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Newscaster: ...Turanga Leela.

Fry: Turanga?!

Amy: That's her name, Philip.

Bender: Philip?!
Futurama, "The Problem With Popplers

In many shows, the characters refer to each other by their given names, and the audience refers to these characters as such. We refer to the Friends as Rachel, Phoebe, Joey, etc. This is usually the case in Dom Coms and other shows where many of the characters are related and therefore have the same last name.

In other shows, usually based on a shared workplace, characters refer to each other by surnames only. Nobody ever calls House by his given name, Greg, including his best friend, whom he calls Wilson. Most of the characters on CSI call Grissom by his surname, as they do Brass, Hodges, and Ecklie. Accordingly, fans refer to such characters by their singular surnames, sometimes to the point of forgetting a character's given name entirely.

These characters are not referred to with titles, either. It's not "Dr. House" to the other regulars. It's just "House."

At times the Last-Name Basis becomes jarring. When House's Wilson began dating Amber (the only first-namer on the show,) she still referred to him as Wilson, possibly because the writers were so used to the name, they didn't think about it, and possibly because they thought the viewers might not know who "James" was. (This kind of situation may be used to set up a joke if the character has an Embarrassing First Name.)

Shows which use this trope can instill an artificial dislike for a new or guest character in the audience by putting them on a first name basis with the regular cast. They seem out of place as a result, which causes viewers to regard them as "bad" despite there being absolutely nothing to fault them for.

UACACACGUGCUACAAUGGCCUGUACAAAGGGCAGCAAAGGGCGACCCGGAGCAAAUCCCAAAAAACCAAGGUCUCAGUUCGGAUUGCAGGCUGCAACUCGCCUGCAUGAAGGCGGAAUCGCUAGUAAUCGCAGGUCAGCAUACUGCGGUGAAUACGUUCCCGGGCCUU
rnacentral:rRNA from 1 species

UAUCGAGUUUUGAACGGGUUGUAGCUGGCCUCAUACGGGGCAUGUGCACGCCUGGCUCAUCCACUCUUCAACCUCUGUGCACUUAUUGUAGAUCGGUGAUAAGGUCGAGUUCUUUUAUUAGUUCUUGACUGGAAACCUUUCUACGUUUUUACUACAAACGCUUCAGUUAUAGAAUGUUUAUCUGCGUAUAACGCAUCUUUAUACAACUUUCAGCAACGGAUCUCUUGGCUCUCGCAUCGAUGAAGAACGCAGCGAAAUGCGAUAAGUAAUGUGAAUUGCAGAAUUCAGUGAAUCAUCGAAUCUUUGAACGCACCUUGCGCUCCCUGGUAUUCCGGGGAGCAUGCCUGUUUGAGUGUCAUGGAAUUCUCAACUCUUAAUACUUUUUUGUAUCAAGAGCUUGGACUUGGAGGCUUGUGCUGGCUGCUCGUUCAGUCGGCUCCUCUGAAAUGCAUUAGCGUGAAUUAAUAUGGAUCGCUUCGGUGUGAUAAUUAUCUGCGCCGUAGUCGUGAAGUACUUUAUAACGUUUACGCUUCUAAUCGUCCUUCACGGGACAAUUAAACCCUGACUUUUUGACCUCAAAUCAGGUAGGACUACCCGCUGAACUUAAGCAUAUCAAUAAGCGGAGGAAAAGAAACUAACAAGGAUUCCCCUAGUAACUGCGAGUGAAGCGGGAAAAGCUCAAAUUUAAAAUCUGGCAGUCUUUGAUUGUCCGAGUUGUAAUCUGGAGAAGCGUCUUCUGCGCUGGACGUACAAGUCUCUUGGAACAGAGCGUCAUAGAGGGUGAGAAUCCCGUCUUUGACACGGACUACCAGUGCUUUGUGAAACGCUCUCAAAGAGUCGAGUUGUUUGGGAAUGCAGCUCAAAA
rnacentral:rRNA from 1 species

Sometimes there's a Double Standard for this trope: the same show may refer to men by their last names and women by their first names.

Initial use of this helps give First-Name Basis significance; if the work begins with them on a First-Name Basis, they can't switch in order to mark a significant increase in friendship or knowledge.

If only some characters in a work get this trope, it is frequently because they have a boring or common first name (like John), or an embarrassing or unusual one.

Last-Name Basis is Truth in Television for many non-US cultures; in Latin America it's not uncommon to see close friends calling each other by their last names, and it is standard for Japan, where First-Name Basis is a more significant trope.

Also Truth in Television for shows set in historical times (before about 1945 in North America and 1980 in the UK). In Regency England, for instance, first names were only used by adults when addressing children (and parents when addressing their own children, even if they were adults), and among siblings or very close female friends. Husbands and wives only addressed each other by their first names when alone: in public or even amongst their family, they often referred to each other more formally. In many ways, the use of the first name became the English-language version of the French tutoyer, as if addressing someone by their first name without a good reason showed that you didn't see them as your equal. While modern Americans see using the first name as friendly and egalitarian, someone from this time frame would see it as pushy, rude, and intrusive.

How much Truth in Television this is for modern US culture varies, especially for professional settings. Title-and-last-name-basis is often used in formal business relationships, for example with a customer or a boss. Even in less formal settings, Last-Name Basis is seen among groups of coworkers, especially when there is a lot of first-name overlap. It's also the standard in the US military, where you might be a bit hazy on the first name of your best buds.

Compare Full-Name Basis, They Call Me Mister Tibbs. Contrast Hey, You and Terms of Endangerment.

Examples of Last-Name Basis include: